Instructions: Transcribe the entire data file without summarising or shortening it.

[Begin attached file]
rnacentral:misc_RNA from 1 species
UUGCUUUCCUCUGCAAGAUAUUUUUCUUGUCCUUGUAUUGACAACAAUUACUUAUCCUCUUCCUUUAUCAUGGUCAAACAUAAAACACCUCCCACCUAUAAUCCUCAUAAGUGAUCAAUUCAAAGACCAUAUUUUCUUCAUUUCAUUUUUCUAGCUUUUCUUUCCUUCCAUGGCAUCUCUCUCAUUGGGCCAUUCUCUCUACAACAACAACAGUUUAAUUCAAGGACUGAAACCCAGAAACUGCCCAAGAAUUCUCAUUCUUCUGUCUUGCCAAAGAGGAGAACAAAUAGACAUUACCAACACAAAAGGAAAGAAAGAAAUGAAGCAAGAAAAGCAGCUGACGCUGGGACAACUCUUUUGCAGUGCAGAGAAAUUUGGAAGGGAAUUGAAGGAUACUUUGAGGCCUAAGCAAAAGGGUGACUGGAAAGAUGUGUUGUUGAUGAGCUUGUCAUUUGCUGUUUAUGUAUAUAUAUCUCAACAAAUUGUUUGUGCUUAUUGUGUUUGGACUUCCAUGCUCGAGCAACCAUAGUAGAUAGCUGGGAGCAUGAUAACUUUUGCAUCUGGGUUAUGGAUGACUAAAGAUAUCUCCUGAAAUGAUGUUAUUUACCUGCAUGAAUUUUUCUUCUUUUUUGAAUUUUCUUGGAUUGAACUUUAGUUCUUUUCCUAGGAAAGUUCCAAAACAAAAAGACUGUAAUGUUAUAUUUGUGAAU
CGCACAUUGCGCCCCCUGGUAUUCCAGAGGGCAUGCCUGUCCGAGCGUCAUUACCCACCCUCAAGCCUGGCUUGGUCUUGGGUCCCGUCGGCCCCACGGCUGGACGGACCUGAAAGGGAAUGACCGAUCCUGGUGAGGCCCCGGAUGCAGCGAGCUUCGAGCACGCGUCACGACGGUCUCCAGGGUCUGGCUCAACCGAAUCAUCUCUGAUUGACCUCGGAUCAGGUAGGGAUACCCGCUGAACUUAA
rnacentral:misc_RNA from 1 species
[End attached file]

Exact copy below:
rnacentral:misc_RNA from 1 species
UUGCUUUCCUCUGCAAGAUAUUUUUCUUGUCCUUGUAUUGACAACAAUUACUUAUCCUCUUCCUUUAUCAUGGUCAAACAUAAAACACCUCCCACCUAUAAUCCUCAUAAGUGAUCAAUUCAAAGACCAUAUUUUCUUCAUUUCAUUUUUCUAGCUUUUCUUUCCUUCCAUGGCAUCUCUCUCAUUGGGCCAUUCUCUCUACAACAACAACAGUUUAAUUCAAGGACUGAAACCCAGAAACUGCCCAAGAAUUCUCAUUCUUCUGUCUUGCCAAAGAGGAGAACAAAUAGACAUUACCAACACAAAAGGAAAGAAAGAAAUGAAGCAAGAAAAGCAGCUGACGCUGGGACAACUCUUUUGCAGUGCAGAGAAAUUUGGAAGGGAAUUGAAGGAUACUUUGAGGCCUAAGCAAAAGGGUGACUGGAAAGAUGUGUUGUUGAUGAGCUUGUCAUUUGCUGUUUAUGUAUAUAUAUCUCAACAAAUUGUUUGUGCUUAUUGUGUUUGGACUUCCAUGCUCGAGCAACCAUAGUAGAUAGCUGGGAGCAUGAUAACUUUUGCAUCUGGGUUAUGGAUGACUAAAGAUAUCUCCUGAAAUGAUGUUAUUUACCUGCAUGAAUUUUUCUUCUUUUUUGAAUUUUCUUGGAUUGAACUUUAGUUCUUUUCCUAGGAAAGUUCCAAAACAAAAAGACUGUAAUGUUAUAUUUGUGAAU
CGCACAUUGCGCCCCCUGGUAUUCCAGAGGGCAUGCCUGUCCGAGCGUCAUUACCCACCCUCAAGCCUGGCUUGGUCUUGGGUCCCGUCGGCCCCACGGCUGGACGGACCUGAAAGGGAAUGACCGAUCCUGGUGAGGCCCCGGAUGCAGCGAGCUUCGAGCACGCGUCACGACGGUCUCCAGGGUCUGGCUCAACCGAAUCAUCUCUGAUUGACCUCGGAUCAGGUAGGGAUACCCGCUGAACUUAA
rnacentral:misc_RNA from 1 species